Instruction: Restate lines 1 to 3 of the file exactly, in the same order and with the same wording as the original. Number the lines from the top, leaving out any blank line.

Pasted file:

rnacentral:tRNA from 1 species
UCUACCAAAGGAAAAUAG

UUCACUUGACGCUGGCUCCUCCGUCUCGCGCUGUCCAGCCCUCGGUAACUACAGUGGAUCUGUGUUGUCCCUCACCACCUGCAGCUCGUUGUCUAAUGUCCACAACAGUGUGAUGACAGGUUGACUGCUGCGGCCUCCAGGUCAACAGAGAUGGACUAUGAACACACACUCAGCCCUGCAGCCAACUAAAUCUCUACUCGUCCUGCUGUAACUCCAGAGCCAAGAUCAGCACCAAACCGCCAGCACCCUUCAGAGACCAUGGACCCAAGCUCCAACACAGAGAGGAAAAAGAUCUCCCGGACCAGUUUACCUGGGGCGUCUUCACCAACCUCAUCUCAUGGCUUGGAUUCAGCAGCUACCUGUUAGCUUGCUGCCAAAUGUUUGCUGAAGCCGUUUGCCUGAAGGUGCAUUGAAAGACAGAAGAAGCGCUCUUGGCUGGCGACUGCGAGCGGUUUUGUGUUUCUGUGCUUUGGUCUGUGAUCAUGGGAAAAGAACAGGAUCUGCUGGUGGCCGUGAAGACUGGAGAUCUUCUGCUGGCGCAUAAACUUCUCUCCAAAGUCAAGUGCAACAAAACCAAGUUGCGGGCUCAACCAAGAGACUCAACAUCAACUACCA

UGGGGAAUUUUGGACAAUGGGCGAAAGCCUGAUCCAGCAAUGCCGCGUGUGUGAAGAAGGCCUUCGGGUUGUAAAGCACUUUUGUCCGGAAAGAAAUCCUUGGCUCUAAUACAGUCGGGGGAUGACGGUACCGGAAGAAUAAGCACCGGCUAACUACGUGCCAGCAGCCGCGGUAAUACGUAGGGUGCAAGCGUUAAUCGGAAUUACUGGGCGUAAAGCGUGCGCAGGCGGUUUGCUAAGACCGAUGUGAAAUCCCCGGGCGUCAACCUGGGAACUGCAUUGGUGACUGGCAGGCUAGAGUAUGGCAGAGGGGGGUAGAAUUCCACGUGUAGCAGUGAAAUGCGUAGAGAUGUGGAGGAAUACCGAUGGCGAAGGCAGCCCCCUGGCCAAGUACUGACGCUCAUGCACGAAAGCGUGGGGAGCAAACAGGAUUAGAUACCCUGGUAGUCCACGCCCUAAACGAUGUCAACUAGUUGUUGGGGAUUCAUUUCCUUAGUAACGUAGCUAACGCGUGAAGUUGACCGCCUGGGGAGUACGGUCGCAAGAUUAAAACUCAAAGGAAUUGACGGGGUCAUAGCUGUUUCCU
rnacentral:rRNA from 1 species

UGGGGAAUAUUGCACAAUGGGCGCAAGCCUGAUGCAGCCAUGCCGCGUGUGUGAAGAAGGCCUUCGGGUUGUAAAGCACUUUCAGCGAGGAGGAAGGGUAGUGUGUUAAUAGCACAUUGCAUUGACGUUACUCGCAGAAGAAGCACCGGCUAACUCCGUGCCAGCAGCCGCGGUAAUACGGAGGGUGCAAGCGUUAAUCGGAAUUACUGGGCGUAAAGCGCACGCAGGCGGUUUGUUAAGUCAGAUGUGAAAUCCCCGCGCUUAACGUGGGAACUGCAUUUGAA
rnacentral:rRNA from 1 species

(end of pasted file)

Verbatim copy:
rnacentral:tRNA from 1 species
UCUACCAAAGGAAAAUAG

UUCACUUGACGCUGGCUCCUCCGUCUCGCGCUGUCCAGCCCUCGGUAACUACAGUGGAUCUGUGUUGUCCCUCACCACCUGCAGCUCGUUGUCUAAUGUCCACAACAGUGUGAUGACAGGUUGACUGCUGCGGCCUCCAGGUCAACAGAGAUGGACUAUGAACACACACUCAGCCCUGCAGCCAACUAAAUCUCUACUCGUCCUGCUGUAACUCCAGAGCCAAGAUCAGCACCAAACCGCCAGCACCCUUCAGAGACCAUGGACCCAAGCUCCAACACAGAGAGGAAAAAGAUCUCCCGGACCAGUUUACCUGGGGCGUCUUCACCAACCUCAUCUCAUGGCUUGGAUUCAGCAGCUACCUGUUAGCUUGCUGCCAAAUGUUUGCUGAAGCCGUUUGCCUGAAGGUGCAUUGAAAGACAGAAGAAGCGCUCUUGGCUGGCGACUGCGAGCGGUUUUGUGUUUCUGUGCUUUGGUCUGUGAUCAUGGGAAAAGAACAGGAUCUGCUGGUGGCCGUGAAGACUGGAGAUCUUCUGCUGGCGCAUAAACUUCUCUCCAAAGUCAAGUGCAACAAAACCAAGUUGCGGGCUCAACCAAGAGACUCAACAUCAACUACCA